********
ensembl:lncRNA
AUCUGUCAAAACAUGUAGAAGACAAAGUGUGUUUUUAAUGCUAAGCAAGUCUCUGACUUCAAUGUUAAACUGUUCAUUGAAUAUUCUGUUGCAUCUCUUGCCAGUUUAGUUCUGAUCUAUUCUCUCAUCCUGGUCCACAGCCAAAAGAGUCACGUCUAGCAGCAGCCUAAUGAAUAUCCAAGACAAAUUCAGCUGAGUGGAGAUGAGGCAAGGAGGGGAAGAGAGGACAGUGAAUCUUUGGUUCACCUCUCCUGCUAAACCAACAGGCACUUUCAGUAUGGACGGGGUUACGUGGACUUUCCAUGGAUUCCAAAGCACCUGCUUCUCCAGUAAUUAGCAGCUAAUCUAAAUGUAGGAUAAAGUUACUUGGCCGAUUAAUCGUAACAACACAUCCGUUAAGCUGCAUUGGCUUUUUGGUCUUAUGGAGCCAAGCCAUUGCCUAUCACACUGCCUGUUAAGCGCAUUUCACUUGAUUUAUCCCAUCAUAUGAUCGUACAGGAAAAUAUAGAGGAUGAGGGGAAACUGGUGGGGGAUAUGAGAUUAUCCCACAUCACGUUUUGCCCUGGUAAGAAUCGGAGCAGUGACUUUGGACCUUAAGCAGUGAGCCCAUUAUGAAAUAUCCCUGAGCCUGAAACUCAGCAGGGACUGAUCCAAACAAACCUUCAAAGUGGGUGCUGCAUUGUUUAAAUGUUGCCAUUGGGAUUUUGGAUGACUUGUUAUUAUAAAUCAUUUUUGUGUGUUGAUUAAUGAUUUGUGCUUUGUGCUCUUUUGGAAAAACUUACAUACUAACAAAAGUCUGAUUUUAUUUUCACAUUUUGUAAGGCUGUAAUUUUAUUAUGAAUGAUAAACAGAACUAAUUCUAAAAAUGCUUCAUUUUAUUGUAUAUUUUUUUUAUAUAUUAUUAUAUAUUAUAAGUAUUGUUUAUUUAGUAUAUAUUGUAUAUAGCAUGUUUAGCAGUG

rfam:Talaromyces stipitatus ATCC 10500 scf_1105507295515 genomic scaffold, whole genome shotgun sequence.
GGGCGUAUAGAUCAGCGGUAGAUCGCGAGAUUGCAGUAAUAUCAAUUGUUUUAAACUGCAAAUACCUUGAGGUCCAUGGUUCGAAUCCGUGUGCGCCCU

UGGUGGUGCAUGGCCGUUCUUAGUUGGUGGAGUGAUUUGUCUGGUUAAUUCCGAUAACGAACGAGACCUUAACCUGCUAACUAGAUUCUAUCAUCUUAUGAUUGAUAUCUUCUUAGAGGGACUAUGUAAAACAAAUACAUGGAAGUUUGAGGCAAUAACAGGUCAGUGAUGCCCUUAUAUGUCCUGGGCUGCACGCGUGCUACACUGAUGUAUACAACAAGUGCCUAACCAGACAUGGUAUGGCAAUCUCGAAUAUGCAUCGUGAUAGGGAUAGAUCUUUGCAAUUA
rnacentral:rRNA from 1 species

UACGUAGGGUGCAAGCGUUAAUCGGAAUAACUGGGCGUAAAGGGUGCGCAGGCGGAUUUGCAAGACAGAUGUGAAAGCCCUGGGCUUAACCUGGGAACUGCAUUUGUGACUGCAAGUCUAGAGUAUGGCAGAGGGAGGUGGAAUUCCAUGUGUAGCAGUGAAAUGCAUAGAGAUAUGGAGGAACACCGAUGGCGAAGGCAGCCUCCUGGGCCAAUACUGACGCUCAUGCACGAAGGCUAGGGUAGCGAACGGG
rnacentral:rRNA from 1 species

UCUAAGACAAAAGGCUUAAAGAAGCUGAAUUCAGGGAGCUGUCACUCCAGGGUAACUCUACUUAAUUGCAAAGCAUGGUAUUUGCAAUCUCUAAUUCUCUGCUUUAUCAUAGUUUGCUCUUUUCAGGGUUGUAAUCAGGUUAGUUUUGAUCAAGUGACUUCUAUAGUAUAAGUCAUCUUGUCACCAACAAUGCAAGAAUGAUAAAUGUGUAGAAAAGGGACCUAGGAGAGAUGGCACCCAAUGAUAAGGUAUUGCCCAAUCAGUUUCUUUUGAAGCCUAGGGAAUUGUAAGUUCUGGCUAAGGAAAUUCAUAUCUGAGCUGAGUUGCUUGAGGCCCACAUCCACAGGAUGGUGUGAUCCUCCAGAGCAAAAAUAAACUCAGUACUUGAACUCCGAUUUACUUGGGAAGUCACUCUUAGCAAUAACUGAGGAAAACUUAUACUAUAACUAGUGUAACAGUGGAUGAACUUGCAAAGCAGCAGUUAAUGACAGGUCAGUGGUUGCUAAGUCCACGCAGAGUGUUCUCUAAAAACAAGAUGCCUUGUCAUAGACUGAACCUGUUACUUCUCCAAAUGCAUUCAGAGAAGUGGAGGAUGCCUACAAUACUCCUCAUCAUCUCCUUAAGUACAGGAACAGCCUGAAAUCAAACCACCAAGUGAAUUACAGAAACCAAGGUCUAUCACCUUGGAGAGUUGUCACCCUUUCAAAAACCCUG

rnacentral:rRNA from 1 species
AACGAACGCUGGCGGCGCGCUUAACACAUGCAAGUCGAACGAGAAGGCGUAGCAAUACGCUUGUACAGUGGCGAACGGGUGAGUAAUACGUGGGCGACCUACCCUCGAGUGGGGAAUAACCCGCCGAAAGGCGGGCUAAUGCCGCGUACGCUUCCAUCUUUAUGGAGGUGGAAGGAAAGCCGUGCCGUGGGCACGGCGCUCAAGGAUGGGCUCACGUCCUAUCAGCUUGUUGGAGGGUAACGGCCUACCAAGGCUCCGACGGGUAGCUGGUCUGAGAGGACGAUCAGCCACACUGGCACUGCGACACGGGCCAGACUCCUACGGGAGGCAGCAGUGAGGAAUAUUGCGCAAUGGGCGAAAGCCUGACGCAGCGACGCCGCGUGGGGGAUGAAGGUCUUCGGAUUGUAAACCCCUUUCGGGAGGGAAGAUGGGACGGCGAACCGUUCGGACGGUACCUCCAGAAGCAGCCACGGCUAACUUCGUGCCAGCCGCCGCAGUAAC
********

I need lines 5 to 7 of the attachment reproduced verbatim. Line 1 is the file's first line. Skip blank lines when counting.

UGGUGGUGCAUGGCCGUUCUUAGUUGGUGGAGUGAUUUGUCUGGUUAAUUCCGAUAACGAACGAGACCUUAACCUGCUAACUAGAUUCUAUCAUCUUAUGAUUGAUAUCUUCUUAGAGGGACUAUGUAAAACAAAUACAUGGAAGUUUGAGGCAAUAACAGGUCAGUGAUGCCCUUAUAUGUCCUGGGCUGCACGCGUGCUACACUGAUGUAUACAACAAGUGCCUAACCAGACAUGGUAUGGCAAUCUCGAAUAUGCAUCGUGAUAGGGAUAGAUCUUUGCAAUUA
rnacentral:rRNA from 1 species

UACGUAGGGUGCAAGCGUUAAUCGGAAUAACUGGGCGUAAAGGGUGCGCAGGCGGAUUUGCAAGACAGAUGUGAAAGCCCUGGGCUUAACCUGGGAACUGCAUUUGUGACUGCAAGUCUAGAGUAUGGCAGAGGGAGGUGGAAUUCCAUGUGUAGCAGUGAAAUGCAUAGAGAUAUGGAGGAACACCGAUGGCGAAGGCAGCCUCCUGGGCCAAUACUGACGCUCAUGCACGAAGGCUAGGGUAGCGAACGGG